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Stephen House to step away from productivity review after IOPC referral

The former deputy commissioner of the Met has been referred to the watchdog over alleged comments about rape.

Sir Stephen House will be stepping back from the review into the productivity of policing amid an allegation that he referred to the “bulk” of rape complaints as being “regretful sex”.

He denies the comments allegedly made to a Home Office adviser at a Scotland Yard meeting in January 2022 while he was Deputy Commissioner of the Met.

The force said the alleged comments are “wholly unacceptable”, and has referred the matter to the Independent Office for Police Conduct (IOPC).

Former Chief Constable of Kent, Alan Pughsley, is now set to temporarily lead the review "to ensure momentum is maintained". He had already been part of the national team working on it. 

The situation will be continually reviewed as the investigation progresses. 

Police Oracle understands that the review is set to look at effectiveness and productivity in policing - identifying barriers as well as the most efficient operating models. Technology and streamlining processes will also be looked at as well as the effects of the Uplift programme. 

Professor Betsy Stanko, an adviser appointed by the Home Office to conduct Operation Soteria told Channel 4 News Sir Stephen made the alleged comments at a meeting with top officers.

She said: “It felt as if he was trying to minimise what the problem was, not taking it seriously.

“He used terms to describe – or a term to describe – what he thought the bulk of the rape complaints were, which was the term ‘regretful sex’.”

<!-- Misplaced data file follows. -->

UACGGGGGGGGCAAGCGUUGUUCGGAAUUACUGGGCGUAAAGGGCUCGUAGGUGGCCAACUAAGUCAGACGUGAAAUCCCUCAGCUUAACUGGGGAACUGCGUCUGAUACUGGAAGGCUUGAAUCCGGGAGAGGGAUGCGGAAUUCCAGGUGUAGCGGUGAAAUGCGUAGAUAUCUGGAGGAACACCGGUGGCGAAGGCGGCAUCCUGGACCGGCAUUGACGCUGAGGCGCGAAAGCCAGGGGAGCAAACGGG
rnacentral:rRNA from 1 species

Sir Stephen made a statement to Channel 4 News saying: “I have dedicated over four decades of public service to protecting the public from predatory offenders.

“I categorically deny using the phrase ‘regretful sex’.

“These are not words I have ever used in relation to rape or sexual assault and the reason I am so certain that I did not say this is because I simply do not believe it; I find the phrase abhorrent.

“I find this characterisation of me to be deeply upsetting, and colleagues who know me know how untrue it is.”

He also “wholeheartedly” welcomes the investigation.

Met Police Deputy Commissioner Dame Lynne Owens said: “Rape is a horrific offence that has a devastating and lasting impact. The comments included in the Operation Soteria Bluestone report are wholly unacceptable.

“We recognise that they risk further undermining the confidence of victims to come forward and that is deeply regrettable.

“Having been made aware of an allegation that the comments were made by a senior Metropolitan Police officer, we have referred the matter to the Independent Office for Police Conduct.”

A Home Office spokesperson said: “Rape and sexual offences are among the most traumatic of crimes, and it is vital that victims know they will be taken seriously and their allegations investigated thoroughly.

“Now it has been referred to the IOPC, the Home Secretary has agreed with National Police Chiefs’ Council chair Martin Hewitt that Sir Stephen House steps back from the review into the productivity of policing.”

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